Lionel Messi back at home. Cristiano Ronaldo back at home. Brazil firmly established as the favourite.
On the eve of the 2018 World Cup quarterfinals, this situation represents a perfect scenario for Neymar's naked ambition. It makes the me-against-the-world funk in which he is lurching through the tournament all the harder to watch.
The ideal of what Brazil represents on football's biggest stage – the flair, trickery, creativity and ingenuity of 'O Jogo Bonito' – is sometimes a fair degree removed from reality. For the past 30 years, its best teams have come packing a pragmatic punch inside the velvet glove.
But Brazil's best players are generally the world's favourites. From Pele and the heroes of that first golden age such as Garrincha and Rivelino, to Falcao, Socrates, Zico and the best team never to win the World Cup in 1982, up to and including Romario, Ronaldo, Rivaldo and Ronaldinho. Brazil's brightest talents have always felt like they belong to all of us.
Anti-heroes were for other nations, those many delight in seeing fail. Argentina great Diego Maradona, for example, faced and still faces ill-will from far beyond the borders of Brazil's neighbours. For the Selecao's number 10s, there has generally only been admiration.
All of which means that at this magnificently celebratory World Cup - where Kylian Mbappe ripped up the script majestically in the last 16, where England and Croatia find themselves at opposite ends of cycles brimming with possibilities and the host is still upright and swinging against all odds – Neymar's status as a widely derided figure jars somewhat.
Most fouled player
The roots of how we arrived here, like much about this resurgent Brazil side, were probably planted four years ago. Cast as the host-nation's would-be World Cup saviour, Neymar suffered a fractured vertebrae in the quarterfinal win over Colombia.
It left him sidelined for the 7-1 semifinal humiliation at the hands of Germany but he was fortunate not to sustain a more serious, life-changing injury from Juan Camilo Zuniga's knee in the back.
In a piece for The Players' Tribune at the end of last year, the Paris Saint-Germain star explained how he was told by doctors that a blow two centimetres to the side of the one he received might have ended his career.
This maybe goes some way to explaining the overwrought reactions to fouls we see from Neymar. He has an unforgettable perspective on just how serious an injury on the field can be, of how precious this dream job of his is and how quickly it can all be snatched away.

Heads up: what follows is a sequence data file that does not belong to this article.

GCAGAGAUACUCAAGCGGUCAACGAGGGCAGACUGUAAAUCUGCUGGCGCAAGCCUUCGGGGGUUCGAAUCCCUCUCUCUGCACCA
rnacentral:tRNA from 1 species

He is the most fouled player at Russia 2018, having been impeded 23 times. Most of these have not been dives. Neymar's ankles have taken a battering immediately after his rushed return from a broken metatarsal.
No player at the competition has completed more dribbles, created more chances or had as many shots on target. His goal and pass for the second against Mexico showed a sublime performer shifting towards top gear at the ideal moment.
Neymar's moment of reckoning
Neymar's performances should be a cause for a celebration of triumph over adversity and a man trying to settle a score – the sort of universal narrative that appeals at every World Cup.
But then he rolls around ridiculously, harangues another referee and brings himself to the verge of conveniently hysterical tears. The world roots the other way, remembering the man who turned his back on Barcelona for a brighter spotlight, more money and inferior competition, while Brazil holds its anti-hero a little closer and a little tighter.
Neymar's cherished place in the Ballon d'Or pecking order is under threat from Eden Hazard and Kevin De Bruyne when their lavishly gifted Belgium faces Brazil in Kazan. Mbappe and Antoine Griezmann also have the chance to state their case for France against a rugged Uruguay in Nizhny Novgorod.
Who could bet against Harry Kane if football actually does, somehow, come home? Luka Modric would undeniably be in contention for the game's biggest individual prize if he leads Croatia to a World Cup triumph to accompany his four European titles at club level.
Neymar's best laid plans have never looked so vulnerable and his theatrics mean plenty would celebrate seeing them crumble.
If he can reassert himself on Friday with a display that reminds everyone why Brazil made us fall in love with football in the first place and park the nonsense that makes many question their affections for the beautiful game, it would be a very welcome development.
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